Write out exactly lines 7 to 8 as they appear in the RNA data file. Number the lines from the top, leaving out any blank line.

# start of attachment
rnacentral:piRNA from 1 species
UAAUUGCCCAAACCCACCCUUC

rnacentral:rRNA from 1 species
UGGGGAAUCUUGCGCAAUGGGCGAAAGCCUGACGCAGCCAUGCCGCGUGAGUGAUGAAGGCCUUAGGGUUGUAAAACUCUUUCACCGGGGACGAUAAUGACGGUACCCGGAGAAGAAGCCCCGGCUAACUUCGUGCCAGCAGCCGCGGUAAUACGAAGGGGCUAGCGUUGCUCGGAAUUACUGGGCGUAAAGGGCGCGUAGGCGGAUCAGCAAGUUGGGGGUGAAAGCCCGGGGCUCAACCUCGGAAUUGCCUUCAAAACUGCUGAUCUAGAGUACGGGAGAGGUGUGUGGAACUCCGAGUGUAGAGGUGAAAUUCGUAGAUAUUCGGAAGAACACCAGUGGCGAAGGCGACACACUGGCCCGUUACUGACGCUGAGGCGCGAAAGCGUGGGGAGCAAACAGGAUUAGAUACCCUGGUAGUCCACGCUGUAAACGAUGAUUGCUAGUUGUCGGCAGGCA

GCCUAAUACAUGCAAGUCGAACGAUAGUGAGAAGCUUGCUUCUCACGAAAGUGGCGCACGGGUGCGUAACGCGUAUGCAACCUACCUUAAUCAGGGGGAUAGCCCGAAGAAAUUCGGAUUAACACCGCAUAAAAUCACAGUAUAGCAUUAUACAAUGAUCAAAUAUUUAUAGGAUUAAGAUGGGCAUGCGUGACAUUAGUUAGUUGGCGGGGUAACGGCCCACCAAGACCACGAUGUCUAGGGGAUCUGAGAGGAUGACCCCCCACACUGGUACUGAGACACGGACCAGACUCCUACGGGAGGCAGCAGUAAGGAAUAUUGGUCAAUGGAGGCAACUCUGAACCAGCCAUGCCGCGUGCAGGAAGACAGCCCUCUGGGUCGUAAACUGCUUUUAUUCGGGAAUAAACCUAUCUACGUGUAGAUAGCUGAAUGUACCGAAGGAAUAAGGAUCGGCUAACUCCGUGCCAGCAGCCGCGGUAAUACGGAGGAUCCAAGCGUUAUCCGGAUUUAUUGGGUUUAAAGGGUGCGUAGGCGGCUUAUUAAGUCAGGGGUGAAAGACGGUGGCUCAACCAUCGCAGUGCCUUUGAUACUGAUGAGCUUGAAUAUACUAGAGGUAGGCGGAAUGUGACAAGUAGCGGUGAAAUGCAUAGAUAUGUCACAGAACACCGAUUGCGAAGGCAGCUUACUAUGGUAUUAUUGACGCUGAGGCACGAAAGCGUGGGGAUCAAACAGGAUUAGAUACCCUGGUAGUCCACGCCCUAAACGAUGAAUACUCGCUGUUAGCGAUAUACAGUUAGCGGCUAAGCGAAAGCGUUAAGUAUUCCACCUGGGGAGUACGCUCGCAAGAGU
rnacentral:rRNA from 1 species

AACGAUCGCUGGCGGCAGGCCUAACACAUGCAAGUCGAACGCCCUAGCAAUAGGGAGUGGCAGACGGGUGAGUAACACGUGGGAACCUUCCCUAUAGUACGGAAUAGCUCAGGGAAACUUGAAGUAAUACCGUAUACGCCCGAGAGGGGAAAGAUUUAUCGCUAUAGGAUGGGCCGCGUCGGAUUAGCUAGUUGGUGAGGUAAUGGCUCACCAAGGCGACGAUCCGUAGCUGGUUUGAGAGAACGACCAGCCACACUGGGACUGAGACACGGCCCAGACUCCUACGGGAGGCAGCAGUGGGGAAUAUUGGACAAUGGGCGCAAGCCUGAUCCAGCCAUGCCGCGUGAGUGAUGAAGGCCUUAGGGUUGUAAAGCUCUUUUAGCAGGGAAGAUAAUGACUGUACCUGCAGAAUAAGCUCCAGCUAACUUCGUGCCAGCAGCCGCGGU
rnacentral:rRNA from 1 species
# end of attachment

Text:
AACGAUCGCUGGCGGCAGGCCUAACACAUGCAAGUCGAACGCCCUAGCAAUAGGGAGUGGCAGACGGGUGAGUAACACGUGGGAACCUUCCCUAUAGUACGGAAUAGCUCAGGGAAACUUGAAGUAAUACCGUAUACGCCCGAGAGGGGAAAGAUUUAUCGCUAUAGGAUGGGCCGCGUCGGAUUAGCUAGUUGGUGAGGUAAUGGCUCACCAAGGCGACGAUCCGUAGCUGGUUUGAGAGAACGACCAGCCACACUGGGACUGAGACACGGCCCAGACUCCUACGGGAGGCAGCAGUGGGGAAUAUUGGACAAUGGGCGCAAGCCUGAUCCAGCCAUGCCGCGUGAGUGAUGAAGGCCUUAGGGUUGUAAAGCUCUUUUAGCAGGGAAGAUAAUGACUGUACCUGCAGAAUAAGCUCCAGCUAACUUCGUGCCAGCAGCCGCGGU
rnacentral:rRNA from 1 species